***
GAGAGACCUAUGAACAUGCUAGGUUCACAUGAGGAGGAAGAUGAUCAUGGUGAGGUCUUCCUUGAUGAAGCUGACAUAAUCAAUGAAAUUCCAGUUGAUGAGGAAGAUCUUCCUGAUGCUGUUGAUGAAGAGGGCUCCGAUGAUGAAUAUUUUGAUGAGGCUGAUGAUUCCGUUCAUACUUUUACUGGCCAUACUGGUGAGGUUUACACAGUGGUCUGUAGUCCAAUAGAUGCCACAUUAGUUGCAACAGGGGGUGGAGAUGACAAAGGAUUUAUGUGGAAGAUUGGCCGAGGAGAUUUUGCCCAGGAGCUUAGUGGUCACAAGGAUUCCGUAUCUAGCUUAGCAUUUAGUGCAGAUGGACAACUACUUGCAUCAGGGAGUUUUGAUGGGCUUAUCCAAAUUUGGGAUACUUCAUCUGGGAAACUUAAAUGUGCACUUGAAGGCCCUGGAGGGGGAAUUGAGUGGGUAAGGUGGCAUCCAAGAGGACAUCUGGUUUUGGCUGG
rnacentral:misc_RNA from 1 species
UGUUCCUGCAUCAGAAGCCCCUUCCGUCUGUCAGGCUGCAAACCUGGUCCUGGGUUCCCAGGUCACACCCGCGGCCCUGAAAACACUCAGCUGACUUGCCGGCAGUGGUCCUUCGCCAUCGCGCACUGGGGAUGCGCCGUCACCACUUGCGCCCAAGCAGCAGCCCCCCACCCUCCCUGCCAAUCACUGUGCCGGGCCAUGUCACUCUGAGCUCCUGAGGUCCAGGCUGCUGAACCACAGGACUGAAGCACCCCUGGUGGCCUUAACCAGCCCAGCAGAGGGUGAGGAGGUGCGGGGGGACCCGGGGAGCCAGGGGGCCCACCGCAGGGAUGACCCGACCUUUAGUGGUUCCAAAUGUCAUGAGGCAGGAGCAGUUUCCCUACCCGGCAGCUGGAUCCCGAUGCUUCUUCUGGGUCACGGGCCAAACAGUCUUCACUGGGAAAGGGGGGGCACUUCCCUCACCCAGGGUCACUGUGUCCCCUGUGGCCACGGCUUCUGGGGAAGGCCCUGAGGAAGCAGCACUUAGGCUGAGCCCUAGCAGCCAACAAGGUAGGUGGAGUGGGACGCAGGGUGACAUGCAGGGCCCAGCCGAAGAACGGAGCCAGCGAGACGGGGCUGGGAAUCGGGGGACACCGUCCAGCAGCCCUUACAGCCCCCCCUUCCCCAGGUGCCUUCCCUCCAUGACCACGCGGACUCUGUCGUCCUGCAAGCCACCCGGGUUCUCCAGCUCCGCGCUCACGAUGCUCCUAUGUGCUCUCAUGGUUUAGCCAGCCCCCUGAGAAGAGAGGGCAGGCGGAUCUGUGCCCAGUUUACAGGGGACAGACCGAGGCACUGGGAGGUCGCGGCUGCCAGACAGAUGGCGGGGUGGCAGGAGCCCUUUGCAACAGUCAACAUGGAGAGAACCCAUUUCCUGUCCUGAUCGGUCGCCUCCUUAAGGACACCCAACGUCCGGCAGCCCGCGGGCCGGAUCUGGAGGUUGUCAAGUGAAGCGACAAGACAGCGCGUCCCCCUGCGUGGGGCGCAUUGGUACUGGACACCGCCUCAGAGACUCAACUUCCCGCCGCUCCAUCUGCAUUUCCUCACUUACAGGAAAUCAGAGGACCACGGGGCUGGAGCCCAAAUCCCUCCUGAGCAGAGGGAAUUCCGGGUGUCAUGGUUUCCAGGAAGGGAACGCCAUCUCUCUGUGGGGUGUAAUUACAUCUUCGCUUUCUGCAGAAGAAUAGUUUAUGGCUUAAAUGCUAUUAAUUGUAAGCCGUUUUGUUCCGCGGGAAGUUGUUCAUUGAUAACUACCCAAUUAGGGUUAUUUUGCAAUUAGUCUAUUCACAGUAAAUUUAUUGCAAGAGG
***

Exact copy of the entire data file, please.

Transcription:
GAGAGACCUAUGAACAUGCUAGGUUCACAUGAGGAGGAAGAUGAUCAUGGUGAGGUCUUCCUUGAUGAAGCUGACAUAAUCAAUGAAAUUCCAGUUGAUGAGGAAGAUCUUCCUGAUGCUGUUGAUGAAGAGGGCUCCGAUGAUGAAUAUUUUGAUGAGGCUGAUGAUUCCGUUCAUACUUUUACUGGCCAUACUGGUGAGGUUUACACAGUGGUCUGUAGUCCAAUAGAUGCCACAUUAGUUGCAACAGGGGGUGGAGAUGACAAAGGAUUUAUGUGGAAGAUUGGCCGAGGAGAUUUUGCCCAGGAGCUUAGUGGUCACAAGGAUUCCGUAUCUAGCUUAGCAUUUAGUGCAGAUGGACAACUACUUGCAUCAGGGAGUUUUGAUGGGCUUAUCCAAAUUUGGGAUACUUCAUCUGGGAAACUUAAAUGUGCACUUGAAGGCCCUGGAGGGGGAAUUGAGUGGGUAAGGUGGCAUCCAAGAGGACAUCUGGUUUUGGCUGG
rnacentral:misc_RNA from 1 species
UGUUCCUGCAUCAGAAGCCCCUUCCGUCUGUCAGGCUGCAAACCUGGUCCUGGGUUCCCAGGUCACACCCGCGGCCCUGAAAACACUCAGCUGACUUGCCGGCAGUGGUCCUUCGCCAUCGCGCACUGGGGAUGCGCCGUCACCACUUGCGCCCAAGCAGCAGCCCCCCACCCUCCCUGCCAAUCACUGUGCCGGGCCAUGUCACUCUGAGCUCCUGAGGUCCAGGCUGCUGAACCACAGGACUGAAGCACCCCUGGUGGCCUUAACCAGCCCAGCAGAGGGUGAGGAGGUGCGGGGGGACCCGGGGAGCCAGGGGGCCCACCGCAGGGAUGACCCGACCUUUAGUGGUUCCAAAUGUCAUGAGGCAGGAGCAGUUUCCCUACCCGGCAGCUGGAUCCCGAUGCUUCUUCUGGGUCACGGGCCAAACAGUCUUCACUGGGAAAGGGGGGGCACUUCCCUCACCCAGGGUCACUGUGUCCCCUGUGGCCACGGCUUCUGGGGAAGGCCCUGAGGAAGCAGCACUUAGGCUGAGCCCUAGCAGCCAACAAGGUAGGUGGAGUGGGACGCAGGGUGACAUGCAGGGCCCAGCCGAAGAACGGAGCCAGCGAGACGGGGCUGGGAAUCGGGGGACACCGUCCAGCAGCCCUUACAGCCCCCCCUUCCCCAGGUGCCUUCCCUCCAUGACCACGCGGACUCUGUCGUCCUGCAAGCCACCCGGGUUCUCCAGCUCCGCGCUCACGAUGCUCCUAUGUGCUCUCAUGGUUUAGCCAGCCCCCUGAGAAGAGAGGGCAGGCGGAUCUGUGCCCAGUUUACAGGGGACAGACCGAGGCACUGGGAGGUCGCGGCUGCCAGACAGAUGGCGGGGUGGCAGGAGCCCUUUGCAACAGUCAACAUGGAGAGAACCCAUUUCCUGUCCUGAUCGGUCGCCUCCUUAAGGACACCCAACGUCCGGCAGCCCGCGGGCCGGAUCUGGAGGUUGUCAAGUGAAGCGACAAGACAGCGCGUCCCCCUGCGUGGGGCGCAUUGGUACUGGACACCGCCUCAGAGACUCAACUUCCCGCCGCUCCAUCUGCAUUUCCUCACUUACAGGAAAUCAGAGGACCACGGGGCUGGAGCCCAAAUCCCUCCUGAGCAGAGGGAAUUCCGGGUGUCAUGGUUUCCAGGAAGGGAACGCCAUCUCUCUGUGGGGUGUAAUUACAUCUUCGCUUUCUGCAGAAGAAUAGUUUAUGGCUUAAAUGCUAUUAAUUGUAAGCCGUUUUGUUCCGCGGGAAGUUGUUCAUUGAUAACUACCCAAUUAGGGUUAUUUUGCAAUUAGUCUAUUCACAGUAAAUUUAUUGCAAGAGG